What Your Budget Says About Your Values
By Michael Vaughn, CFP®
For where your treasure is, there your heart will be also.
Matthew 6:21 (NIV)
These are some of the most well-known words that Jesus ever uttered regarding money. Your money and your heart are travel companions. What you value (where your heart is) is where you will put your financial resources.
If that is true, what does your budget say about your values? If we aren’t careful, our spending habits could unintentionally reflect different values than those that we profess. Take a moment to reflect on what your treasure’s current location says about your heart.
Are You Organized?
Do you even have a budget? If you’re going to take personal stock of Jesus’ words, then you need to know where your treasure is in the first place. A good budget will show you how much money you have coming in and where it is going each month. If you don’t know those two things, then organization may not be one of your top values.
Gather your credit card and bank statements from the past few months and take stock. How much money are you putting toward cars and transportation? How much money is going toward your house each month? How much do you give away? How much do you spend on vacations each year?
You can get a rough idea of how you’re spending your money by looking at past statements. However, just looking at a couple of months of expenses can cause you to miss some big things, like an annual vacation or major car repairs. It would be best to start tracking your income and expenses each month as a regular practice so that you can see how your spending evens out over the course of a year. There are many great tools available online to help you do so.
Are Your Values Clearly Defined?
Have you ever taken the time to stop and define what your values actually are? Most people haven’t. Take a moment a prioritize the following spending values:
- Minimizing debt
- Charitable giving
- Gift giving
- Protecting your family
- Saving for the future
If you’re married, it’s not enough for you to just define your values. You and your spouse both need to search your own hearts to determine your personal values, and then come together to establish values as a couple. You may have different priorities initially, but you will need to learn to work together as a cohesive family unit. Compromise may be required in order to establish family values that both of you can buy into and fully support.
What Does Your Budget Value?
Once you have a budget and a prioritized list of values, it’s time for a comparison. Are the two in alignment?
You may say that education is more important than travel, but if you’re only putting $100 a month into your children’s 529 educational savings accounts and spending $10,000 a year on travel, then that’s not really accurate. Your spending habits show that you value travel more than education.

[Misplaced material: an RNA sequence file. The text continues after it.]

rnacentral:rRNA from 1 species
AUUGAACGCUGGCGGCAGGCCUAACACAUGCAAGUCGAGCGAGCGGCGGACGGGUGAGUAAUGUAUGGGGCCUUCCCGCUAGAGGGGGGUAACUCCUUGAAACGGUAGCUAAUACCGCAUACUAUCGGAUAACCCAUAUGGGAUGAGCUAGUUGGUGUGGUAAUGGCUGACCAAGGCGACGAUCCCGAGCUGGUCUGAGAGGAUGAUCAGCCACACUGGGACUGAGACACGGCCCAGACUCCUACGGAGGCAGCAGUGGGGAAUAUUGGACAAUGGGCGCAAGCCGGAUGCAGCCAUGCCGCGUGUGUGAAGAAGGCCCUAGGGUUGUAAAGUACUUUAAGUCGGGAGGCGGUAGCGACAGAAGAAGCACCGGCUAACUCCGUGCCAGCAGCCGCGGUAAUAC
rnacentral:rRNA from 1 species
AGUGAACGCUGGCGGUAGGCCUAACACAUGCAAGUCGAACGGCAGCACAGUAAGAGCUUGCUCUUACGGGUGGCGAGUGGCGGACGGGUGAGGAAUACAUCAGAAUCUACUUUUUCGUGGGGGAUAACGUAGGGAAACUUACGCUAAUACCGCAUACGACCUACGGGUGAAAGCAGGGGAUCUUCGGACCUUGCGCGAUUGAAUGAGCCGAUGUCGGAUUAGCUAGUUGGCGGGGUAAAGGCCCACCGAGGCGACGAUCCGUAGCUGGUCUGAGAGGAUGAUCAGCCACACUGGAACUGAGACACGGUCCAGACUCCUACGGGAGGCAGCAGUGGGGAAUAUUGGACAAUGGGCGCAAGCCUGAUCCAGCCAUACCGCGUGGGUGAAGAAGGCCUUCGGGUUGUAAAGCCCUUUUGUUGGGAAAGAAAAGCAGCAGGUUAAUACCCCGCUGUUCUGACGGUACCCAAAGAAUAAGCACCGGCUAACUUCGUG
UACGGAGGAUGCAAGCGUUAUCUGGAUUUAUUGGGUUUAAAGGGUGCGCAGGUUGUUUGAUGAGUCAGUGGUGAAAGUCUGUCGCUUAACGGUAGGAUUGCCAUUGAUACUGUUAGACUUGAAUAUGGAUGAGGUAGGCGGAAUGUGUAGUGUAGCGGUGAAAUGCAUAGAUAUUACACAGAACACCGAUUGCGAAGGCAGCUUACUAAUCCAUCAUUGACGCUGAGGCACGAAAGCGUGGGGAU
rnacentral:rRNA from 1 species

Or perhaps you say that you don’t believe in debt and that’s a top priority. Are you aggressively paying down your mortgage? Or is the extra mortgage payment just what’s left over after you’ve spent all you want going out to eat and having fun?
Just because you don’t like debt doesn’t mean you can’t ever step foot in a restaurant. The key is to find a balance that truly reflects your stated values. Placing a high value on saving for retirement doesn’t mean you have to put all of your money into your 401(k); it just means that you should make sure to get your 15% in at the beginning of the month before you go shopping for new clothes.
How I Can Help
It can be difficult to reconcile your values and your budget in the most efficient way. There are so many different financial products and investment opportunities out there that it’s hard to know which ones are best for you considering your own unique values.
If you would like help getting started with a budget or how to effectively manage your budget, I would love to help you. Schedule your meeting by emailing me at [email protected], calling (417) 351-2942, or using my online calendar.
Michael Vaughn is a Certified Financial Planner™ (CFP®) and Vice President at Pinnacle Financial Advisors (PFA) with 20 years of industry experience. Before joining the PFA family, he served clients with investment management and retirement planning at The Mutual Fund Store for 14 years. Michael graduated from Missouri State University with a bachelor’s degree in business administration and management and earned his CFP® designation in 2004. He also served 20 years in the Missouri National Guard, retiring in 2007 as a Major. He currently volunteers on the board of directors for Good Dads and Fellowship of Christian Athletes. He and his family attend Hill City Church, where he serves as an elder. Michael is married to Lori and they have two daughters. To learn more about Michael, connect with him on LinkedIn.